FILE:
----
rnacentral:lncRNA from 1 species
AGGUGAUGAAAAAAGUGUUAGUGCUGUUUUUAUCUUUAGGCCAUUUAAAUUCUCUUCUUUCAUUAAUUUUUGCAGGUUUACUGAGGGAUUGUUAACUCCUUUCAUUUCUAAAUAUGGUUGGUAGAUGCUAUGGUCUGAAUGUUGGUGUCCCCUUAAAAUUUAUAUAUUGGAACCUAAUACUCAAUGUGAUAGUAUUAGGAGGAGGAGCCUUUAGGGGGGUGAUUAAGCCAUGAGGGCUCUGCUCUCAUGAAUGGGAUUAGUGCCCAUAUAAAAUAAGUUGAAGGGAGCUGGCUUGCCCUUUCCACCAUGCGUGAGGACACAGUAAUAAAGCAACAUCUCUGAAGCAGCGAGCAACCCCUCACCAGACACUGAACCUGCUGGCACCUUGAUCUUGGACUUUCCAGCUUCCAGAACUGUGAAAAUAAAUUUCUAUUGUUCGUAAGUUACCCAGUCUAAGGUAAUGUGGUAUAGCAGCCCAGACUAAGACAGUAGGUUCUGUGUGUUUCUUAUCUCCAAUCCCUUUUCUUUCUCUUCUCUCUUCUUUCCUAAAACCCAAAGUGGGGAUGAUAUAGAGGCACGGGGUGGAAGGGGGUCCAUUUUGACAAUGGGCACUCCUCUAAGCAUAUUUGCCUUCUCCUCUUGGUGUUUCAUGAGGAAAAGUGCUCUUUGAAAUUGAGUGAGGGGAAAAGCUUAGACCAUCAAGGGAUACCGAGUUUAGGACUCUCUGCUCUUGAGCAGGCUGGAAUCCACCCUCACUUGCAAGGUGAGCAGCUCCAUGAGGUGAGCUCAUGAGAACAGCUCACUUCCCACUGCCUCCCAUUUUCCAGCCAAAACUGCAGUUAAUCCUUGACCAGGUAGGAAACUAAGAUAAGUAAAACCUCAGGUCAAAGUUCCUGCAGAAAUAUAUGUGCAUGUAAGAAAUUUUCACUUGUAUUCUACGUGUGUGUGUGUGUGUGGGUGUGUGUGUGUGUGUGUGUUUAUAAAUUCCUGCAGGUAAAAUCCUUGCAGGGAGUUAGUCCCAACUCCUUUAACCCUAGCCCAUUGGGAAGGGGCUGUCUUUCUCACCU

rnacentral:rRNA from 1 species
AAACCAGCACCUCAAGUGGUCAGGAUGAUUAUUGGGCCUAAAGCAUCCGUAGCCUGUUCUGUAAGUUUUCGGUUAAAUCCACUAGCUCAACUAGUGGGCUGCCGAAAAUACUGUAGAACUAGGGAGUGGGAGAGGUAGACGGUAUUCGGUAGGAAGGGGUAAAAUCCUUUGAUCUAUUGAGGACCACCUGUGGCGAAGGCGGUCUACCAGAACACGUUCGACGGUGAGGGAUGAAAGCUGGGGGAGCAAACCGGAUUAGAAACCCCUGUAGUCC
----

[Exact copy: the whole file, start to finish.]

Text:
rnacentral:lncRNA from 1 species
AGGUGAUGAAAAAAGUGUUAGUGCUGUUUUUAUCUUUAGGCCAUUUAAAUUCUCUUCUUUCAUUAAUUUUUGCAGGUUUACUGAGGGAUUGUUAACUCCUUUCAUUUCUAAAUAUGGUUGGUAGAUGCUAUGGUCUGAAUGUUGGUGUCCCCUUAAAAUUUAUAUAUUGGAACCUAAUACUCAAUGUGAUAGUAUUAGGAGGAGGAGCCUUUAGGGGGGUGAUUAAGCCAUGAGGGCUCUGCUCUCAUGAAUGGGAUUAGUGCCCAUAUAAAAUAAGUUGAAGGGAGCUGGCUUGCCCUUUCCACCAUGCGUGAGGACACAGUAAUAAAGCAACAUCUCUGAAGCAGCGAGCAACCCCUCACCAGACACUGAACCUGCUGGCACCUUGAUCUUGGACUUUCCAGCUUCCAGAACUGUGAAAAUAAAUUUCUAUUGUUCGUAAGUUACCCAGUCUAAGGUAAUGUGGUAUAGCAGCCCAGACUAAGACAGUAGGUUCUGUGUGUUUCUUAUCUCCAAUCCCUUUUCUUUCUCUUCUCUCUUCUUUCCUAAAACCCAAAGUGGGGAUGAUAUAGAGGCACGGGGUGGAAGGGGGUCCAUUUUGACAAUGGGCACUCCUCUAAGCAUAUUUGCCUUCUCCUCUUGGUGUUUCAUGAGGAAAAGUGCUCUUUGAAAUUGAGUGAGGGGAAAAGCUUAGACCAUCAAGGGAUACCGAGUUUAGGACUCUCUGCUCUUGAGCAGGCUGGAAUCCACCCUCACUUGCAAGGUGAGCAGCUCCAUGAGGUGAGCUCAUGAGAACAGCUCACUUCCCACUGCCUCCCAUUUUCCAGCCAAAACUGCAGUUAAUCCUUGACCAGGUAGGAAACUAAGAUAAGUAAAACCUCAGGUCAAAGUUCCUGCAGAAAUAUAUGUGCAUGUAAGAAAUUUUCACUUGUAUUCUACGUGUGUGUGUGUGUGUGGGUGUGUGUGUGUGUGUGUGUUUAUAAAUUCCUGCAGGUAAAAUCCUUGCAGGGAGUUAGUCCCAACUCCUUUAACCCUAGCCCAUUGGGAAGGGGCUGUCUUUCUCACCU

rnacentral:rRNA from 1 species
AAACCAGCACCUCAAGUGGUCAGGAUGAUUAUUGGGCCUAAAGCAUCCGUAGCCUGUUCUGUAAGUUUUCGGUUAAAUCCACUAGCUCAACUAGUGGGCUGCCGAAAAUACUGUAGAACUAGGGAGUGGGAGAGGUAGACGGUAUUCGGUAGGAAGGGGUAAAAUCCUUUGAUCUAUUGAGGACCACCUGUGGCGAAGGCGGUCUACCAGAACACGUUCGACGGUGAGGGAUGAAAGCUGGGGGAGCAAACCGGAUUAGAAACCCCUGUAGUCC